|A Distant Trumpet|
|Directed by||Raoul Walsh|
|Written by||John Twist|
|Based on||adaptation by Richard Fielder|
novel by Paul Horgan
|Produced by||William H. Wright|
|Cinematography||William H. Clothier|
|Edited by||David Wages|
|Music by||Max Steiner|
|Distributed by||Warner Bros. Pictures|
|May 27, 1964|
|Box office||est. $1,200,000 (US/ Canada)|
1,037,484 admissions (France)
A Distant Trumpet is a 1964 American Western film, the last directed by Raoul Walsh. It stars Troy Donahue, Suzanne Pleshette and Diane McBain.
The screenplay by John Twist, Albert Beich and Richard Fielder is based on the 1960 novel of the same name by Paul Horgan.
In 1883, U.S. Army Cavalry lieutenant Matthew Hazard, newly graduated from the United States Military Academy at West Point, New York (on the Hudson River), is assigned to isolated Fort Delivery on the Mexican border of the Arizona Territory in the early 1880s, where he meets commanding officer Teddy Mainwarring's wife Kitty, whom he later rescues from an Indian attack.
Soon after a new commander, Major General Alexander Quait, (James Gregory), arriving at the fort with a large regiment of "spit and polished" cavalry / "horse soldiers" takes charge. When his efforts to capture Chiricahua Apache chief "War Eagle" fail, he orders Hazard into northern Mexico to cajole the Indian chief into surrendering.
After a long arduous trip south across the border in desolate deserts and buttes, canyons with dry ravines, and gulches, Hazard sits and meets with the suspicious chief, convincing War Eagle to return with him on the promise that the Indians will be provided a safe haven at a reservation near their ancient tribal homeland in Arizona. En route back to the fort, they encounter a Major Miller, sent out to meet the party and take the Indians into custody as prisoners to be sent instead to exile in Florida.
Hazard and General Quaint journey to the "Great White Father" in Washington, D.C. to protest, insisting their promises of good faith to the Indians be kept. They speak with the U.S. War Department and the Secretary of War himself and government officials, hoping to reverse their decision and allow Hazard to keep his word to War Eagle. Finally, General Quaint calls 21st President of the United States himself at the White House, on a new-fangled thing called a "telephone," referring to the Chief Executive as "Chet", (Chester A. Arthur, 1829–1886, served 1881–1885) warning him that there would be trouble with the Indians. Lt. Hazard refuses his offered Medal of Honor and resigns his officer's commission. At the ceremony in the Secretary of War's office in front of an assembly of press and family, Hazard makes a bold declaration about how the Indians have been betrayed by the United States Army.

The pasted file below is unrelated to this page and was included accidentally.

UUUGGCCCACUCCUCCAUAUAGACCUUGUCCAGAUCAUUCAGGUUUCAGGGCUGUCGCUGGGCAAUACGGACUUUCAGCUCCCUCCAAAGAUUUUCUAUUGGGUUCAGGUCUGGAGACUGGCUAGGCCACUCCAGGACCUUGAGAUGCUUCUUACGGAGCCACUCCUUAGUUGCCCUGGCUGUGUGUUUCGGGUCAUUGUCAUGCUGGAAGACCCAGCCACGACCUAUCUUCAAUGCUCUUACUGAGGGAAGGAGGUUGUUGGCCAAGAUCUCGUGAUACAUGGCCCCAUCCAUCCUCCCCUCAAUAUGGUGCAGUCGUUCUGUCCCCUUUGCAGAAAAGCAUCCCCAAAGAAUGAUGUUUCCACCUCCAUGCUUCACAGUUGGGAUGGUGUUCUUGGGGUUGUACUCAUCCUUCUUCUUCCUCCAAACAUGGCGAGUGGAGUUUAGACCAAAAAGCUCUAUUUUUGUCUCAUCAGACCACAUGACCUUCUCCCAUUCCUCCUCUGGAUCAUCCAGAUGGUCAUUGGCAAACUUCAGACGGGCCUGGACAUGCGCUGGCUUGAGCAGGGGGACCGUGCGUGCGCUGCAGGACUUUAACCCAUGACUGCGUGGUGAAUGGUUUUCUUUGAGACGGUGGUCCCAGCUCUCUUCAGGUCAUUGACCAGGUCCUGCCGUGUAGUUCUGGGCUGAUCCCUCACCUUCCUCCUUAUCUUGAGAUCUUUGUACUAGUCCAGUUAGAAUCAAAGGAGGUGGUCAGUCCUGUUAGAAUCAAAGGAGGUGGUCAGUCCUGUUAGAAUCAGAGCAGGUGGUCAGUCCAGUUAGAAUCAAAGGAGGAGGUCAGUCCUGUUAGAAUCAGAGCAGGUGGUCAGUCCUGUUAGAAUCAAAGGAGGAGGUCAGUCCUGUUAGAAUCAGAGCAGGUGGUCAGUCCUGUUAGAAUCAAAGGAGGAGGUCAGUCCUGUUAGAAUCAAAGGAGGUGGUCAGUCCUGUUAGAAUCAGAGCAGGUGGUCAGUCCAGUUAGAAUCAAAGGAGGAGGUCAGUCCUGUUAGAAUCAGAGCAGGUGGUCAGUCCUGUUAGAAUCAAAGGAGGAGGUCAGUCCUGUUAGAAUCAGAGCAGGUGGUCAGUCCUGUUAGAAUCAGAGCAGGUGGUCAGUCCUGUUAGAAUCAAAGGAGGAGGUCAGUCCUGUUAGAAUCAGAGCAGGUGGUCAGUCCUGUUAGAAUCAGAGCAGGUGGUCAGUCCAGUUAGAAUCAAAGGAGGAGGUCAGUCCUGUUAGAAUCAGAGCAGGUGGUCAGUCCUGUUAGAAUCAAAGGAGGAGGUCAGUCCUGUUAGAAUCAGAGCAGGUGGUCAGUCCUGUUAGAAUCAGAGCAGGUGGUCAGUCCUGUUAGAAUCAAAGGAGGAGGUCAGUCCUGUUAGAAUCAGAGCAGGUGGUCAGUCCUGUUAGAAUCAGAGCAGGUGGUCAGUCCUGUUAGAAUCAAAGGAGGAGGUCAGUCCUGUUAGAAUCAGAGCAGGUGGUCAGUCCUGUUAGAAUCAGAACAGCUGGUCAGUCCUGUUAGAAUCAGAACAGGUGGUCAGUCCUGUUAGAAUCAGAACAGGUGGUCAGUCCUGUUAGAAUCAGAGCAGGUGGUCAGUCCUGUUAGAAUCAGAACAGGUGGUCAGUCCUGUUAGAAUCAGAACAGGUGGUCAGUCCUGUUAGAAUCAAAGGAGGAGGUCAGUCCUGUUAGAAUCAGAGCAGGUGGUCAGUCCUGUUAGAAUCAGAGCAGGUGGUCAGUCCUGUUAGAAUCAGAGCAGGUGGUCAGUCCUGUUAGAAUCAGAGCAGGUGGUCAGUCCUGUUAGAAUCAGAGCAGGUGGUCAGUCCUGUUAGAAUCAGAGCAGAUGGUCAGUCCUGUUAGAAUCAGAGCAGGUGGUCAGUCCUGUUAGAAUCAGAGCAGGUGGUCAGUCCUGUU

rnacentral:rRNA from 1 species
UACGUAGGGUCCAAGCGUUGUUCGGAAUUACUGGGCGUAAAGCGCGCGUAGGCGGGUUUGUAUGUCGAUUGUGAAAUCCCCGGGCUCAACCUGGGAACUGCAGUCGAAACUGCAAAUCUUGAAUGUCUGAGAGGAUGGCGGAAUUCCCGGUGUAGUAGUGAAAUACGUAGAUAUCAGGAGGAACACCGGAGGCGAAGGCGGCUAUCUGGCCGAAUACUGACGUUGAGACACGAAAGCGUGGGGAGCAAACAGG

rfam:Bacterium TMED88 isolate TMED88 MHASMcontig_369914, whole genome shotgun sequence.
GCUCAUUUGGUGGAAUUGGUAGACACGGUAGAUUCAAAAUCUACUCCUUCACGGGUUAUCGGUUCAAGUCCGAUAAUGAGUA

The film was based on a 629-page novel, published in 1960, which was based on extensive historical research. The New York Times called it "the finest novel yet on the Southwest in its settling." Another reviewer for the same paper called it a "first rate historical novel."
Warners bought the film rights and announced they would make the film in 1960 with James Woolf and Jack Clayton as producer and director, Laurence Harvey as star, and Alan Le May to do the script. It would be made for Challet Productions, Harvey's production company.
Burt Kennedy wrote a draft of the script; he was under contract to Warners at the time and called the novel "wonderful". Then Clayton was replaced by Leslie H. Martinson. Eventually, the film was set up with an entirely new producer, director and writer.
Significant changes were made from Horgan's novel in reversing the character traits of the female leads, making Kitty Mainwarring the object of Hazard's affections and Laura the negative personality; and altering the narrative's climax (and history), by reversing the fate of the Apaches from their historic removal to Florida and restoring the male protagonists to full duty, thereby negating Hazard's point-of-honor refusal of the congressional Medal of Honor and resignation from the Army, which was the basis for the entire storyline.
Shooting took place in September 1963. Location filming occurred in Flagstaff, Arizona and Gallup, New Mexico.
In his review in The New York Times, Bosley Crowther called the film:
A deadly bore...so dull you even lose interest in watching the horses and the stunt men doing their stuff...Seldom has there been a Western picture on which so much money was spent...from which so little excitement, energy or colorfulness exudes. It's as though Mr. Walsh and everybody were bitten by tsetse flies and went through the business of shooting the picture in a state of drowsiness."
The stunning location terrain of the Red Rocks area of New Mexico and Arizona's Painted Desert gives the production a tremendous pictorial lift. Max Steiner's score is a driving dramatic force but the use of the main theme seems a trifle excessive. The picture would benefit from a lot more pruning by editor David Wages.
Time Out New York feels that despite "an average script and a colourless lead performance from Donahue" the film "[emerges] as a majestically simple, sweeping cavalry Western, a little reminiscent of Ford in mood and manner. Brilliantly shot by William Clothier, it tends to have its cake and eat it by indulging in a spectacular massacre before introducing the liberal message, but still goes further than most in according respect to the Indian by letting him speak his own language (with subtitles)."
Peter Bogdanovich called the film:
One of Walsh's weakest pictures, caused mainly by an intolerably bad cast and a predictable script. Whenever the director is allowed to linger on shots of horses and riders, Indians and cavalry, and on their battles, he shows his vitality, personality and strength. Otherwise, his efforts are hopeless against the talentless players and the hopeless words they are required to speak.